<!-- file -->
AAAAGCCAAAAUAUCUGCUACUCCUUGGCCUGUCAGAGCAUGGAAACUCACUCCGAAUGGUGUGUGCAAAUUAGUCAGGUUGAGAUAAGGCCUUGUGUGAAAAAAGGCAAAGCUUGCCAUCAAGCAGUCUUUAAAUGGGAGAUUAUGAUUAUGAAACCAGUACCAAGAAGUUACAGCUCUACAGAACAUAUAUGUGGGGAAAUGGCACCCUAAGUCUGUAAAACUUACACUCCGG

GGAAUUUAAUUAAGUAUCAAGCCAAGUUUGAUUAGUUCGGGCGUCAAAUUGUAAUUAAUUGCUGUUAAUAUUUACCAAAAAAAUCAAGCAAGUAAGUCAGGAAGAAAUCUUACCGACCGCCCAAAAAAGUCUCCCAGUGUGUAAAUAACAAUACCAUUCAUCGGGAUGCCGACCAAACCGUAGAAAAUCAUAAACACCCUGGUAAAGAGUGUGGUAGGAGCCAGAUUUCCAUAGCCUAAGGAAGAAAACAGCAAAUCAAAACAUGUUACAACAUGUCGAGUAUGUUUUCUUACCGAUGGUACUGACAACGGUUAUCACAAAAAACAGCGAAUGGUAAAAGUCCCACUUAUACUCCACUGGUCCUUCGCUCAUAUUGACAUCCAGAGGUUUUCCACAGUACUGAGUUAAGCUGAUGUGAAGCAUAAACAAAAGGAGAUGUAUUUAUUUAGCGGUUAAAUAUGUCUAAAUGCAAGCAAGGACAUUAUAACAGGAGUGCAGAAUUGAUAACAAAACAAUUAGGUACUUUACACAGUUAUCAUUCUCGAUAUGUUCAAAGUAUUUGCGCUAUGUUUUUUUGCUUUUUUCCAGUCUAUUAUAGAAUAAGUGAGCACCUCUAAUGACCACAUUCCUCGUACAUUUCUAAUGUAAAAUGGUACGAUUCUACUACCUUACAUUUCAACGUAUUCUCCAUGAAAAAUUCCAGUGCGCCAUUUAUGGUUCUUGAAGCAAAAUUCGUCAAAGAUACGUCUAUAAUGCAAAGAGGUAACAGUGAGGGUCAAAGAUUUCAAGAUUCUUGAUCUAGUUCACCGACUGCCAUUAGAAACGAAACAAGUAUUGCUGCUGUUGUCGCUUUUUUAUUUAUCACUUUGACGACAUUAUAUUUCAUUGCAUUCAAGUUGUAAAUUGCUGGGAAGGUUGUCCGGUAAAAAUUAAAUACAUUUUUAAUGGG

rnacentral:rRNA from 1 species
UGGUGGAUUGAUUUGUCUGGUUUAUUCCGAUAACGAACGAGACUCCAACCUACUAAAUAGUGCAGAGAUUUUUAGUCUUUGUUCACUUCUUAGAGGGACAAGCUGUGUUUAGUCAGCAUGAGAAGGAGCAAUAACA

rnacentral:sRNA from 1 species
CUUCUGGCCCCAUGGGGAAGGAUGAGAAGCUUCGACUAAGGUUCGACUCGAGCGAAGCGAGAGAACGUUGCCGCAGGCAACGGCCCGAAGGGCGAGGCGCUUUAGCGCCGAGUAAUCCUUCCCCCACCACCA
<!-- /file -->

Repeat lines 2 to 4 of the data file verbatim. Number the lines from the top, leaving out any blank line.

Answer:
GGAAUUUAAUUAAGUAUCAAGCCAAGUUUGAUUAGUUCGGGCGUCAAAUUGUAAUUAAUUGCUGUUAAUAUUUACCAAAAAAAUCAAGCAAGUAAGUCAGGAAGAAAUCUUACCGACCGCCCAAAAAAGUCUCCCAGUGUGUAAAUAACAAUACCAUUCAUCGGGAUGCCGACCAAACCGUAGAAAAUCAUAAACACCCUGGUAAAGAGUGUGGUAGGAGCCAGAUUUCCAUAGCCUAAGGAAGAAAACAGCAAAUCAAAACAUGUUACAACAUGUCGAGUAUGUUUUCUUACCGAUGGUACUGACAACGGUUAUCACAAAAAACAGCGAAUGGUAAAAGUCCCACUUAUACUCCACUGGUCCUUCGCUCAUAUUGACAUCCAGAGGUUUUCCACAGUACUGAGUUAAGCUGAUGUGAAGCAUAAACAAAAGGAGAUGUAUUUAUUUAGCGGUUAAAUAUGUCUAAAUGCAAGCAAGGACAUUAUAACAGGAGUGCAGAAUUGAUAACAAAACAAUUAGGUACUUUACACAGUUAUCAUUCUCGAUAUGUUCAAAGUAUUUGCGCUAUGUUUUUUUGCUUUUUUCCAGUCUAUUAUAGAAUAAGUGAGCACCUCUAAUGACCACAUUCCUCGUACAUUUCUAAUGUAAAAUGGUACGAUUCUACUACCUUACAUUUCAACGUAUUCUCCAUGAAAAAUUCCAGUGCGCCAUUUAUGGUUCUUGAAGCAAAAUUCGUCAAAGAUACGUCUAUAAUGCAAAGAGGUAACAGUGAGGGUCAAAGAUUUCAAGAUUCUUGAUCUAGUUCACCGACUGCCAUUAGAAACGAAACAAGUAUUGCUGCUGUUGUCGCUUUUUUAUUUAUCACUUUGACGACAUUAUAUUUCAUUGCAUUCAAGUUGUAAAUUGCUGGGAAGGUUGUCCGGUAAAAAUUAAAUACAUUUUUAAUGGG

rnacentral:rRNA from 1 species
UGGUGGAUUGAUUUGUCUGGUUUAUUCCGAUAACGAACGAGACUCCAACCUACUAAAUAGUGCAGAGAUUUUUAGUCUUUGUUCACUUCUUAGAGGGACAAGCUGUGUUUAGUCAGCAUGAGAAGGAGCAAUAACA